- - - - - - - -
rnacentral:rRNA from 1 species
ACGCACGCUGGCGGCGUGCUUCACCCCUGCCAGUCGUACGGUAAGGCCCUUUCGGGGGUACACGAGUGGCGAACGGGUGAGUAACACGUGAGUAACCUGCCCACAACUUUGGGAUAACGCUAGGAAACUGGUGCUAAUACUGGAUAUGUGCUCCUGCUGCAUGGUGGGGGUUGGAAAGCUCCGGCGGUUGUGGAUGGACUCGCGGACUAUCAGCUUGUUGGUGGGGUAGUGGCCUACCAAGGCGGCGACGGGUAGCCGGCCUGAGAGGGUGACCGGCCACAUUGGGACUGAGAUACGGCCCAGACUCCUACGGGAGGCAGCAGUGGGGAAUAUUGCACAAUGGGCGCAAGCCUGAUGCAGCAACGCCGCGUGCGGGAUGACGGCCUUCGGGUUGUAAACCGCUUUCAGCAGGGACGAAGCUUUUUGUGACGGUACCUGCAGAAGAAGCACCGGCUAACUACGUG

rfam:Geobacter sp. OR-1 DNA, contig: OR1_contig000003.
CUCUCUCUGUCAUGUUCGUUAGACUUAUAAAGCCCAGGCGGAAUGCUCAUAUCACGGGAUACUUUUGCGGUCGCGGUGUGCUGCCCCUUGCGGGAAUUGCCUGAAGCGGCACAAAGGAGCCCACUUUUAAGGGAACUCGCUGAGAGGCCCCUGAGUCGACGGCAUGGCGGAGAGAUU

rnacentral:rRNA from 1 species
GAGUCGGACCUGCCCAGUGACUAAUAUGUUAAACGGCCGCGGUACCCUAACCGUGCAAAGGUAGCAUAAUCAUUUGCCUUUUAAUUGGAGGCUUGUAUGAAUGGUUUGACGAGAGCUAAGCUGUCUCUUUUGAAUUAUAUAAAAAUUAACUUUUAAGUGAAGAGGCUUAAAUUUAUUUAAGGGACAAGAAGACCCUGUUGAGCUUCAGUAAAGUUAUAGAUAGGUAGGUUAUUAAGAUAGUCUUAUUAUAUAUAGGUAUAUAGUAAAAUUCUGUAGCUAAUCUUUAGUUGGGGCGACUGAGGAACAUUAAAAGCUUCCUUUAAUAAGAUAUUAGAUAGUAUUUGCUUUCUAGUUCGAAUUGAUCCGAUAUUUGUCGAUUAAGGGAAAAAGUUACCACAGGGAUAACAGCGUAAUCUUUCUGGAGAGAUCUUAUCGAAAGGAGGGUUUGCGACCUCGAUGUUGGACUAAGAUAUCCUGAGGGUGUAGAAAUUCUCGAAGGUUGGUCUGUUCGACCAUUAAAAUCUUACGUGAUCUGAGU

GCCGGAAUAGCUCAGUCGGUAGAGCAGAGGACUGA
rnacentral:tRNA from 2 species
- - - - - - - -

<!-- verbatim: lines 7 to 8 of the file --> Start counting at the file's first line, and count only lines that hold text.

GCCGGAAUAGCUCAGUCGGUAGAGCAGAGGACUGA
rnacentral:tRNA from 2 species